Viacom channels blacked out for 20 million DirecTV customers

@CNNMoneyTech July 11, 2012: 8:58 PM ET
DirecTV's online channel guide tells customers that Viacom 'forced us to remove' its channels.

DirecTV's online channel guide tells customers that Viacom 'forced us to remove' its channels.

NEW YORK (CNNMoney) -- Millions of kids at home for summer vacation will have to forgo their daily dose of "SpongeBob SquarePants."

DirecTV (DTV, Fortune 500) customers lost access to 19 channels owned by Viacom (VIA), including Nickelodeon, MTV and Comedy Central, at around midnight Tuesday. The two companies could not reach an agreement on subscriber fees before their seven-year deal expired.

Viacom is seeking a 30% increase, or $1 billion more than its previous deal, DirecTV said in a statement. Viacom countered that its proposed increase totals "a couple of pennies per day per subscriber."

Disputes between media companies and cable or satellite TV providers have become increasingly common, but this one is hitting an especially wide audience.

With 20 million subscribers, DirecTV is the country's second-largest television service provider, behind only Comcast (CMCSA). DirecTV customers make up nearly 20% of all U.S. cable and satellite subscribers, according to SNL Kagan.

The blacked-out content is popular as well. In addition to SpongeBob, Viacom owns the rights to many other big-name shows, including "The Daily Show" and "Jersey Shore."

Yet DirecTV notes that Viacom is asking for a large increase at a time when its ratings are sinking.

"We have absolutely no problem compensating Viacom fairly," Derek Chang, DirecTV executive vice president of content, said in a written statement. "[But] the ratings for many of their main networks have plummeted and much of Viacom's programming can be seen for free online."

Viacom maintains that the proposed increase would bring DirecTV's rates up to today's market prices -- though the satellite company makes up a fifth of Viacom's audience, the previous deal with DirecTV accounted for just 5% of the media giant's subscriber revenue, Viacom said.

"We proposed a fair deal," the company said in a statement. "However, DirecTV refused to engage in meaningful conversation."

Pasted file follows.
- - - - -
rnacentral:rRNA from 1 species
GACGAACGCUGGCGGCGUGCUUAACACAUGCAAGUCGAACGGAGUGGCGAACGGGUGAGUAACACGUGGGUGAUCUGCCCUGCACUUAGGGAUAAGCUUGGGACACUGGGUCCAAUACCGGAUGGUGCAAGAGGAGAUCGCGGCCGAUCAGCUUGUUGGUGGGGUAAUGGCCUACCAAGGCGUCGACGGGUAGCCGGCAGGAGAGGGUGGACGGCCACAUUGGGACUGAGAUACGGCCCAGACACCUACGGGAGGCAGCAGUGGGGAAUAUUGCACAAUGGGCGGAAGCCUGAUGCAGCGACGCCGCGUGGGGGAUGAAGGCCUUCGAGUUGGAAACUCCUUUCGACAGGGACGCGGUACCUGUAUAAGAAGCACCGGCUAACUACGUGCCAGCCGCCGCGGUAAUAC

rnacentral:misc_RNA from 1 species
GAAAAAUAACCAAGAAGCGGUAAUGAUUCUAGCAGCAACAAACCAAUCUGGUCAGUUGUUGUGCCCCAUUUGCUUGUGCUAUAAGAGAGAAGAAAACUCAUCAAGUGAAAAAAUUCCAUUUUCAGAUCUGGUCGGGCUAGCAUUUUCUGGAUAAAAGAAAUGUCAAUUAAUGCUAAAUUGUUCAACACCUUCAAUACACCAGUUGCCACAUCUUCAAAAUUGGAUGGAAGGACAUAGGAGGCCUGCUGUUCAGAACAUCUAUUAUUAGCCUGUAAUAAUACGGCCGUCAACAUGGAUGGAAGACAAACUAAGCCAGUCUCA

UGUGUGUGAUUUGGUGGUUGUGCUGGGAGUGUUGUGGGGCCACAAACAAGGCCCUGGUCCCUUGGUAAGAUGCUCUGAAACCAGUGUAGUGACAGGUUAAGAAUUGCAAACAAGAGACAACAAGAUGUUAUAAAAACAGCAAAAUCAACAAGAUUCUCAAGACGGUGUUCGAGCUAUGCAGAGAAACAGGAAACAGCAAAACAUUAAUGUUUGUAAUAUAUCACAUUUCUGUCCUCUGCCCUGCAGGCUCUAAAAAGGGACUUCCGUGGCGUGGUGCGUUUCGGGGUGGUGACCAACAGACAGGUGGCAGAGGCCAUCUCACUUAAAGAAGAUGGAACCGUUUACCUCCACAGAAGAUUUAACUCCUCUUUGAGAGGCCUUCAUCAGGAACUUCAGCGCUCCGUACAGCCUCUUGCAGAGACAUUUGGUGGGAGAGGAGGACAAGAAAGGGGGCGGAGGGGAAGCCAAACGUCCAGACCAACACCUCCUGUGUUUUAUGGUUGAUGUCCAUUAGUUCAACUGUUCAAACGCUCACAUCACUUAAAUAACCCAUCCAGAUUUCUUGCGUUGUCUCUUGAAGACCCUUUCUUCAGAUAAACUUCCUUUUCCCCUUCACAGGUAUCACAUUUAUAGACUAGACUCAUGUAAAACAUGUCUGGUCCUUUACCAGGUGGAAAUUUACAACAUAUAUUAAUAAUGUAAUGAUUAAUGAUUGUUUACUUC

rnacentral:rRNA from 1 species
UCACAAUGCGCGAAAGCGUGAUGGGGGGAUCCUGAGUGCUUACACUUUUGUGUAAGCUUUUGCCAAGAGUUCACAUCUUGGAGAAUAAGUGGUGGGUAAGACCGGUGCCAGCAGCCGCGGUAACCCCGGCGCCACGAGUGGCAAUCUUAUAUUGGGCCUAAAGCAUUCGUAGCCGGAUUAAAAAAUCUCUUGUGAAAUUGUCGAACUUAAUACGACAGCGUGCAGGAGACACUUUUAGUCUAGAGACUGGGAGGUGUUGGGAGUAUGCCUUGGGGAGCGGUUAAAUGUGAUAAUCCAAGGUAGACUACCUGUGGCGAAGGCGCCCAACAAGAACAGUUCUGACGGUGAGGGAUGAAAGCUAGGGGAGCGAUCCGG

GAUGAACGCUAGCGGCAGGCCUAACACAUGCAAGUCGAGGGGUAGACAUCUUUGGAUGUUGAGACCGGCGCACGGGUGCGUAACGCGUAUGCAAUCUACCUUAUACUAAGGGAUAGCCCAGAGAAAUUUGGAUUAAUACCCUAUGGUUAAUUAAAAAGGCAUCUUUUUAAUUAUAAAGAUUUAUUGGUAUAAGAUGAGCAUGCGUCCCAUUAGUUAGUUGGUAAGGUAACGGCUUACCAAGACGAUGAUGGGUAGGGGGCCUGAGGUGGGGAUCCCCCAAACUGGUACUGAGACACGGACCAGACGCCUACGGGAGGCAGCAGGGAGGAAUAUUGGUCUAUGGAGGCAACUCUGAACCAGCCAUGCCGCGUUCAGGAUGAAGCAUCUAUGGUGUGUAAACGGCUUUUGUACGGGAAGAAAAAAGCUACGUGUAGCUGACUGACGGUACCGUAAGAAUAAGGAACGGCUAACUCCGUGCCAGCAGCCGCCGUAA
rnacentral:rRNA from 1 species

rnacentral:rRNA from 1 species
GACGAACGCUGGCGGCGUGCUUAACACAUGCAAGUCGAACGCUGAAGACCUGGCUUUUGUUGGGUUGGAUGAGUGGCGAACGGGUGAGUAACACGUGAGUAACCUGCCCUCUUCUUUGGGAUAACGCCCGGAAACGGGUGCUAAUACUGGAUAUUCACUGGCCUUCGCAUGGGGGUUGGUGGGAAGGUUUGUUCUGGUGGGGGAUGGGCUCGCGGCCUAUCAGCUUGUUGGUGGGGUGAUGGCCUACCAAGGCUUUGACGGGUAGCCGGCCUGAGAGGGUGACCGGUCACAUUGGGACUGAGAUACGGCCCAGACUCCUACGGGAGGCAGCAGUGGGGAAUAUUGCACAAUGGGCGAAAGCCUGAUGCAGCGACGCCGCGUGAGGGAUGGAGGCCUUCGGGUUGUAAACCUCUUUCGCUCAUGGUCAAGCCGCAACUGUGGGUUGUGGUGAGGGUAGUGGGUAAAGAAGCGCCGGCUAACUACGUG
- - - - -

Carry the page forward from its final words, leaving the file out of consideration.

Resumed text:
Both sides have taken the fight public, launching websites like directvpromise.com and whendirectvdrops.com and publishing full-page newspaper ads with Stephen Colbert and John Stewart standing below the all-caps banner: "What'll they take next...freedom?"

The debate headed over to Twitter, as DirecTV promoted hashtags like #DIRECTVhasmyback and Viacom urged its followers to call the TV provider.

On directvpromise.com, DirecTV pointed visitors to websites in which they could watch Viacom programming online. By Wednesday afternoon, however, full episodes of a number of popular Viacom shows like "The Colbert Report" and "Jersey Shore" were unavailable for free on their official websites.

"We're sorry, this video isn't currently available but will be again soon," read a message in place of a "Jersey Shore" episode on mtv.com.

DirecTV wasted no time in drawing attention to the situation.

"Viacom is now not only holding DIRECTV customers hostage, but all online viewers as well," the company said in a statement.

Viacom representatives could not be reached for comment Wednesday evening.

Celebrities were among those voicing their opinions on the battle. Reality TV star Khloé Kardashian tweeted "SpongeBob I will miss you!" while comedian Daniel Tosh sent out this tweet: "thanks everybody and lets all pray this Viacom/directv beef gets squared by next week."

Viacom owns eight of the top 30 cable networks, according to Nomura Securities. Nickelodeon, Viacom's children's programming network, is the country's most-watched cable channel.

This clash is one of several recent battles between pay-TV distributors and programming suppliers.

Earlier this month, Dish Network dropped AMC Networks. Dish (DISH, Fortune 500) reaches about 14 million homes. The standoff remains unresolved.  To top of page

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